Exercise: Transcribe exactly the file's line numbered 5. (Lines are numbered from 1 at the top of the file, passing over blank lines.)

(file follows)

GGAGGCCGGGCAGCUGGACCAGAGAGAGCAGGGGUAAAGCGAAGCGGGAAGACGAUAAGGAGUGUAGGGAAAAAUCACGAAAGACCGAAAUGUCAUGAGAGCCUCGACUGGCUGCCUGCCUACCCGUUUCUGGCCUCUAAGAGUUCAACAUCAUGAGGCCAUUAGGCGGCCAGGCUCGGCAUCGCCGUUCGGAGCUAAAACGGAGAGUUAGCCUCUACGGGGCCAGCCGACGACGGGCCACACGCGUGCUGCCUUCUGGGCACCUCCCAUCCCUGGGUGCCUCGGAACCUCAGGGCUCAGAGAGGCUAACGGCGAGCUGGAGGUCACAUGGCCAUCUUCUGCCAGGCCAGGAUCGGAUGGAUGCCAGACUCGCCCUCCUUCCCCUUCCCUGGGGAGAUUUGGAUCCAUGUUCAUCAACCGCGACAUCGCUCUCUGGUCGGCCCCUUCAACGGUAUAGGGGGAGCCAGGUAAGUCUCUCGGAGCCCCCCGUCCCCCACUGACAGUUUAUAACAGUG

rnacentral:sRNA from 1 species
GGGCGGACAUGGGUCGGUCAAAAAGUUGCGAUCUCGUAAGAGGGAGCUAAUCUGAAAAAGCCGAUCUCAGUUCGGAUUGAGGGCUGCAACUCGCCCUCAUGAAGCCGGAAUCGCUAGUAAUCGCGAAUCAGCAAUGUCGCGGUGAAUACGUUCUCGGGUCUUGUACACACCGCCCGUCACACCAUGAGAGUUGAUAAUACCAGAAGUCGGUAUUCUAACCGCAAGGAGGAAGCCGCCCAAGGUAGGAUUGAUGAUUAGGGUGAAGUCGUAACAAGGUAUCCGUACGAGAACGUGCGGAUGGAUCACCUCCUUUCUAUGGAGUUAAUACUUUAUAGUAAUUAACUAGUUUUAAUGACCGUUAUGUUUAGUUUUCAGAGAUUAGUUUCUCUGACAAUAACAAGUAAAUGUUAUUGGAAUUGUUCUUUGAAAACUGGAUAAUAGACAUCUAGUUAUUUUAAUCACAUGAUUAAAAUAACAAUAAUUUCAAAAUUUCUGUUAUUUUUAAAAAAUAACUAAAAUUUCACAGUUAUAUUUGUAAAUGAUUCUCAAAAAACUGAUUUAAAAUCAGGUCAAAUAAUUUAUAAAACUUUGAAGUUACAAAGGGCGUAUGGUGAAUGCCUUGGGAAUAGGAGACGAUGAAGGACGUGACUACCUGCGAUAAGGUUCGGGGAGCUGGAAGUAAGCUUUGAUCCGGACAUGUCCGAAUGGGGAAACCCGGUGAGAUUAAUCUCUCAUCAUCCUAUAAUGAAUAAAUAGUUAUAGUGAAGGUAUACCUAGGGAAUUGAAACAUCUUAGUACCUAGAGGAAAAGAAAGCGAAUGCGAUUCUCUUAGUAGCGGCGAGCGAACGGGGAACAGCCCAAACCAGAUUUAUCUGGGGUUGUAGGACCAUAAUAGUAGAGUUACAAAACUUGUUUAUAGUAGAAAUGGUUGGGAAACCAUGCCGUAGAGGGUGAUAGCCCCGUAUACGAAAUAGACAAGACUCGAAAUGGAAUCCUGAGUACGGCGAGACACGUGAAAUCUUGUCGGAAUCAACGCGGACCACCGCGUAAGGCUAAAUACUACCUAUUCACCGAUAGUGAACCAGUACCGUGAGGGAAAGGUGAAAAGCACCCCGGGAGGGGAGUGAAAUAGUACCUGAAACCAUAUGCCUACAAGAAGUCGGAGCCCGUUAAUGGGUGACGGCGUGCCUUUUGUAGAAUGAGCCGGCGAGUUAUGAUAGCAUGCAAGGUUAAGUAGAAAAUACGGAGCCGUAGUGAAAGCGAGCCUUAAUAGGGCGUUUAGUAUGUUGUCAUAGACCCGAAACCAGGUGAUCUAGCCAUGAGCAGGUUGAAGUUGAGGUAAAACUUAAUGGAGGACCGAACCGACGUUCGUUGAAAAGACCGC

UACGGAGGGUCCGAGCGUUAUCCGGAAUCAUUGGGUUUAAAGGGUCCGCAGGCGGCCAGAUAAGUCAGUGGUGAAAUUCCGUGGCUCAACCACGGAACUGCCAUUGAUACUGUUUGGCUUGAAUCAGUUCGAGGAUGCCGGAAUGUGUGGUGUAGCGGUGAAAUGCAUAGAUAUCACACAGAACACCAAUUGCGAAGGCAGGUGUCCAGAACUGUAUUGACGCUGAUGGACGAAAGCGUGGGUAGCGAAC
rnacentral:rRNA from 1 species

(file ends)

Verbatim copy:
rnacentral:rRNA from 1 species